Deadline day madness? It didn't exactly turn out that way.
What promised to be a day full of blockbuster trades and surprising moves made by the NHL's 30 general managers turned out to be a pretty tame affair
Thirty deals were completed by the time the NHL's trade deadline passed at 3 p.m. ET on Wednesday, but none of them could be described as jaw dropping.
Instead of looking to make a splash by trading for one marquee star, teams took a more measured approach by acquiring squad players to bolster their rosters as the playoff push begins.
Sitting in fifth place in the Western Conference and looking to qualify for the post-season for the first time in eight years, the Phoenix Coyotes proved to be the busiest team on Wednesday.
The Coyotes made seven trade deals, including acquiring forward Wojtek Wolski and a fourth-round draft pick in 2010 from the Colorado Avalanche for forwards Peter Mueller and Kevin Porter.
Phoenix also re-acquired defenceman Derek Morris (from the Boston Bruins), veteran blue-liner Mathieu Schneider (Vancouver Canucks), and wingers Lee Stempniak (Toronto Maples) and Alexandre Picard (Columbus Blue Jackets), forward Petteri Nokelainen (Anaheim Ducks) and goaltender Miika Wiikman (New York Rangers).
Wolski said he was very surprised to be traded to Phoenix.
"I had heard some rumours about it last night. My agent called me and gave me the heads up, but I didn't think it was going to go through," Wolski told Hockey Night in Canada Radio.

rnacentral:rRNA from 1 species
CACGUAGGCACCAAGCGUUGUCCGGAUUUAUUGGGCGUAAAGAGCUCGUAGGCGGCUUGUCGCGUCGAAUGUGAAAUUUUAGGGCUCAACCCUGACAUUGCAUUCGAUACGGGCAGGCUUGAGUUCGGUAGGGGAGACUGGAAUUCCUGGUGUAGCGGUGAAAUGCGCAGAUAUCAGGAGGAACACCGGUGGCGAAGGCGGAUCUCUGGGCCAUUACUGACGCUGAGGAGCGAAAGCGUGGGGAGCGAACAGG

"I'm just excited that Phoenix is in the playoff hunt and hopefully I can be a part of that."
Wolski believes that the fact that the Coyotes made so many deals at the deadline speaks to the club's commitment to winning and wanting to end its playoff drought this year.
"They want to win. That's a big thing because you want to be part of a team that has a chance to win," said the former Avalanche forward.
Schneider spoke with Phoenix coach Dave Tippett and GM Dion Maloney, who both told him they were acquiring him in order to "breathe new life" into the team's power play.
"That's the part of my game that I've enjoyed the most and had a bit of success with during my career," Schneider said.
The Washington Capitals were also busy on Wednesday.
The first-place team in the NHL made four trades, most notably acquiring defenceman Joe Corvo and right-winger Scott Walker from the Carolina Hurricanes.
Washington GM George McPhee also acquired centre Eric Belanger and blue-liner Milan Jurcina.
"I've known George pretty much my whole career. He used to play for the Guelph Platers [of the Ontario Hockey League] then they moved to Owen Sound where I played [in the early 1990s]," Walker told Hockey Night in Canada Radio.
"Then I had him as a GM in Vancouver. I represented myself one time and did a contract negotiation with him, so I'm excited to play for him
Walker joins his fourth team after breaking into the NHL in 1994-95 with Vancouver and spending seven seasons in Nashville before joining Carolina in 2006.
"They're a truly skilled and dynamic team so I'm so excited to go and be a part of it," Walker said.
Perhaps to the chagrin of hockey fans in Canada, none of the NHL's six Canadian teams made a major move on Wednesday.
While the Ottawa Senators and Montreal Canadiens stood pat, the Edmonton Oilers, Calgary Flames, Vancouver Canucks and Toronto Maple Leafs all made minor moves, the most notable trade being between the Alberta rivals — Calgary acquired Steve Staios from Edmonton for fellow defenceman Aaron Johnson and a conditional third-round draft pick in 2010 or 2011.
Flames GM Darryl Sutter told reporters he's long been an admirer of Staios.
"We wanted a veteran defenceman with some leadership qualities, where the money would work for us and that's where it fell," Sutter told reporters during a press conference.
"He's a player that I've liked for a long time.… so I was thankful to get him."